Our last day in Edinburgh we toured a cemetery, and took a ghost tour on a double decker bus. It was probably the most touristy thing we did, but because riding a double decker bus was on my bucket list they had me at “the UK’s ONLY comedy-horror theater experience on wheels.”

I’m in! Take my money.


We were dangerously close missing the bus altogether. When we got to the location 7 minutes before the tour was scheduled to leave, it started to make us a little nervous that there was no bus waiting. Seconds later we discover that we are half a mile from the right location which included running up 6 more flights of stairs. WE RAN and made it just in time, completely out of breath, sweaty and exhausted and were greeted by our guide. A very handsome man, who could have used a little more dental hygiene. 

The bus was great because it winded us through parts of Edinburgh that we hadn’t seen yet since we didn’t have a car there. Greyfriar’s Kirk, Grassmarket, The Old Town, The New Town, The Castle, the Backside of Arthur’s Seat, it was a great way to see the city that didn’t require us to walk.

Being a bus driver on those tiny streets would definitely make the blood pressure hit some new highs for me, I have no idea how they do it. The roads are narrow and winding and hilly, the bus remained upright, but I have no idea how.

Riding on the top deck was fun and the guide spent equal time on both levels and when he wasn’t on our level, he spoke into a camera that we could see. He was funny and quirky and it was a great way to spend the evening.

We stopped at St. Cuthbert’s Graveyard and there we got to walk around and hear stories about children who haunted the cemetery and the meaning of the phrases dead ringer, and saved by the bell. The stones are covered in the most beautiful green moss aging them to perfection. The gravestones are like stories, so much information about the family contained. The trees were just budding out and the cherry blossoms were fresh too. It was beautiful and haunting. The closest thing we have in the states is in New Orleans.

When we arrived back, the sun finally came out and hit the Bank of Scotland with such pretty light I couldn’t resist grabbing this photo. Sun in Scotland is a premium. Our weather for the trip was amazing and we never ran into any midges, so I highly recommend May 1-15th to travel to Scotland.

More Scotland to Come

XOXO Ninya

PS. If you love these blog posts, help me keep the lights on and Doritos in the pantry for my teenager, by checking out one of my books below. There's something for everyone. "Velvet Guild" is naughty and explicit. (Erotic Romance), "Scotland with a Stranger" is a memoir of my trip to Scotland last May and "AnaStasia" is a parallel lives story (Women's Fiction)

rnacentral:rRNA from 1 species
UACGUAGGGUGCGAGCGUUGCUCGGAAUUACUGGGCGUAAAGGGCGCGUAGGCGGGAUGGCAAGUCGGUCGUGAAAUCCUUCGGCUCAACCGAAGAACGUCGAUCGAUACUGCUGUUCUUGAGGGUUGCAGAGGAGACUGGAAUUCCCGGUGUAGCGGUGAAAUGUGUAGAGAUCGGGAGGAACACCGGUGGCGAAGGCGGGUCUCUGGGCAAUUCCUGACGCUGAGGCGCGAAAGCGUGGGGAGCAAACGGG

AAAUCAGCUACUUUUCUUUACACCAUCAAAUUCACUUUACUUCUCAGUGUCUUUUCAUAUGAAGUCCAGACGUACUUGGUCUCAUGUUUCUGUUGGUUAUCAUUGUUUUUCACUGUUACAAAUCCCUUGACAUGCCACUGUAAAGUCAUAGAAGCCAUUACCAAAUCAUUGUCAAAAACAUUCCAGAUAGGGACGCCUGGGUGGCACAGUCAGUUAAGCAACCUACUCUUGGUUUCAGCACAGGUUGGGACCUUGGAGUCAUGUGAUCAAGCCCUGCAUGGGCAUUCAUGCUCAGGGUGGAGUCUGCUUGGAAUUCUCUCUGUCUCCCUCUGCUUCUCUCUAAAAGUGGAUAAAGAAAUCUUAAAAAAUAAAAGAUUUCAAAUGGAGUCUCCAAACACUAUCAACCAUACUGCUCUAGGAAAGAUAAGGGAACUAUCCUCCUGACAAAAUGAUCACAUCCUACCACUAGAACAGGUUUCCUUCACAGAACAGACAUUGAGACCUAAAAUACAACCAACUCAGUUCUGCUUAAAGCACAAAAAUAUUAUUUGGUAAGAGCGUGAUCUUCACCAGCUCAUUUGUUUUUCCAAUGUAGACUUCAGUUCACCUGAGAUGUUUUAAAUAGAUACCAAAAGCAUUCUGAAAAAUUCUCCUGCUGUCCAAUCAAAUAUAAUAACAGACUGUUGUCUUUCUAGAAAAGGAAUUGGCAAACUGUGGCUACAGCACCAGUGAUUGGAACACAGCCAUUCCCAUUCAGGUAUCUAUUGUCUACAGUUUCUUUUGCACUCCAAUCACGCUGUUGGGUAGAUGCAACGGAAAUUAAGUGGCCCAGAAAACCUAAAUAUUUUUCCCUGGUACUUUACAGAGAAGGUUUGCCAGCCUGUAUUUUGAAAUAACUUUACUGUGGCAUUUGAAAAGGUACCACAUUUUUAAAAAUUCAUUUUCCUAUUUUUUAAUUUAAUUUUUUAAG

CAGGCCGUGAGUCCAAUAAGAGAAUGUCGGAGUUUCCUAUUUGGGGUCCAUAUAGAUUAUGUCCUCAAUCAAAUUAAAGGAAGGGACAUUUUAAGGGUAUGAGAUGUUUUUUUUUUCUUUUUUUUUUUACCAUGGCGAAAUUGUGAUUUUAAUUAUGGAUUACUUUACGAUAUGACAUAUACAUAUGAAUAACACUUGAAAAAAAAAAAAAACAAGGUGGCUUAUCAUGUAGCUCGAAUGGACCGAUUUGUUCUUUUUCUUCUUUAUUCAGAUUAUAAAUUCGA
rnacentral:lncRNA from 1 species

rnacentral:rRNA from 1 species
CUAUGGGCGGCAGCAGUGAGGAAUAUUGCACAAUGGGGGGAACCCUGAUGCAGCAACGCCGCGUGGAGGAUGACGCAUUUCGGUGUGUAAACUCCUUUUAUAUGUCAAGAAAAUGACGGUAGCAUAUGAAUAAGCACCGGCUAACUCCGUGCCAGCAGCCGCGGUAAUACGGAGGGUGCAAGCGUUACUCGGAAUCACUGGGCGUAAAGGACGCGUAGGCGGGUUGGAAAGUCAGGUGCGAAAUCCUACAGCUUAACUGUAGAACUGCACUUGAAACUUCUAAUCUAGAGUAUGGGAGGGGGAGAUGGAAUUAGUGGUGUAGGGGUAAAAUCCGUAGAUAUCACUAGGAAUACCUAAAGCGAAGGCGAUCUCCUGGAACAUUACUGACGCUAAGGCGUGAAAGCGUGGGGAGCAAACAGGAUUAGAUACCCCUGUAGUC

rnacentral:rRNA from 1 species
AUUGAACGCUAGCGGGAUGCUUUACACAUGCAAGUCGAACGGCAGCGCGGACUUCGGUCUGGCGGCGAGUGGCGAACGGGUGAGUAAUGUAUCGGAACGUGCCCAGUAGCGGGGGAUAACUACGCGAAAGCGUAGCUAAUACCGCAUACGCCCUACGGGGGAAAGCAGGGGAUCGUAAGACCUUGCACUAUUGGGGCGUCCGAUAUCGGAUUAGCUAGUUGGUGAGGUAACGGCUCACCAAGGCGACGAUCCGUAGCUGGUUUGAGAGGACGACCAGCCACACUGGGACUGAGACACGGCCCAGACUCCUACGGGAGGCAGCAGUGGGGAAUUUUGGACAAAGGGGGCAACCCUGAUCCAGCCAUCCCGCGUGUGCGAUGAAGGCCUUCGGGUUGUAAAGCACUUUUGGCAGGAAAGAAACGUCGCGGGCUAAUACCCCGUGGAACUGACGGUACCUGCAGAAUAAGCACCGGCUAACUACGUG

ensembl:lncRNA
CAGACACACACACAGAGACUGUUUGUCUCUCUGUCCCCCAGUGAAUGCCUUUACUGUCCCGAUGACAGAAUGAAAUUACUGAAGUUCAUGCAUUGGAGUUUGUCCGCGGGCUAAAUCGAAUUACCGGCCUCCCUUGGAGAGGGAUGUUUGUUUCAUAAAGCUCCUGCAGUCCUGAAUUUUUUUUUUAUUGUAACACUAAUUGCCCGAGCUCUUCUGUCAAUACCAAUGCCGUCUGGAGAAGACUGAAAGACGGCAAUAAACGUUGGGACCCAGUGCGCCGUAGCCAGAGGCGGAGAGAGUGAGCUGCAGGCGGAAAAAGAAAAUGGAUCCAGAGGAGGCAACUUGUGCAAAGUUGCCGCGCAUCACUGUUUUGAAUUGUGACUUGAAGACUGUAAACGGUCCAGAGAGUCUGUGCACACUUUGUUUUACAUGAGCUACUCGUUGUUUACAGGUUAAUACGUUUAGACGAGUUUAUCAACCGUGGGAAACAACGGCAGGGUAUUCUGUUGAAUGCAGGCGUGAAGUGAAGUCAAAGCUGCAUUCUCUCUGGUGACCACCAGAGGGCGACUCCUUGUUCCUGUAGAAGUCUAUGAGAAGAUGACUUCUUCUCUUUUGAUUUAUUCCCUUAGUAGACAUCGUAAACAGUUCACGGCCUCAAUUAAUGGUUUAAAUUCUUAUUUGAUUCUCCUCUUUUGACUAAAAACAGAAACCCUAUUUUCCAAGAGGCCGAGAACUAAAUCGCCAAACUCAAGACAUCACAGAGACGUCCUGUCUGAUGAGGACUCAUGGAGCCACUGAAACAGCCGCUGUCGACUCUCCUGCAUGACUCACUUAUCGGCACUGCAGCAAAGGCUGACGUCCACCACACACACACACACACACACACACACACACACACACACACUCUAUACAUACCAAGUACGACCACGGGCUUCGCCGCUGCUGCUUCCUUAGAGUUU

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Velvet Guild

Friends Don't Let Friends Stay Vanilla

Desperate times…call for sexy solutions.

Aimee is panicking, feeling like a middle-aged failure, barely scraping by, raising a teenager alone. She is also a submissive who yearns to be dominated in the bedroom.

Could she introduce couples to the BDSM lifestyle through a house party format? Instead of game night, it could be blindfolds and bite marks.

Scotland with a Stranger:A Memoir

“Who goes to Scotland for two weeks with a stranger they met over the internet?   I did.” 

At forty-three, Ninya was depressed, out of shape, and filled with crippling anxiety after addiction, cancer, and divorce had destroyed nearly everything. One day, she received a message from a stranger. This woman offered to lead her on a self-healing trip hiking through the Scottish highlands.

It seemed like a sign.


This is the story of one life, lived two different ways.

In one reality, “Stasia” is the beloved daughter of doting parents who spare no expense in supporting her ambition and talent.  Adoring not just their daughter but also one another, their home is full of celebration, warmth and love. 

In another reality, “Ana” washes dishes at a nursing home to buy her carefully-budgeted art supplies, waiting until her alcoholic father passes out before creeping downstairs to paint.  Ana must survive her father’s nightly verbal abuse without any help from her silent, cowed mother, until she can retreat to the only place she feels safe, in front of her easel. 

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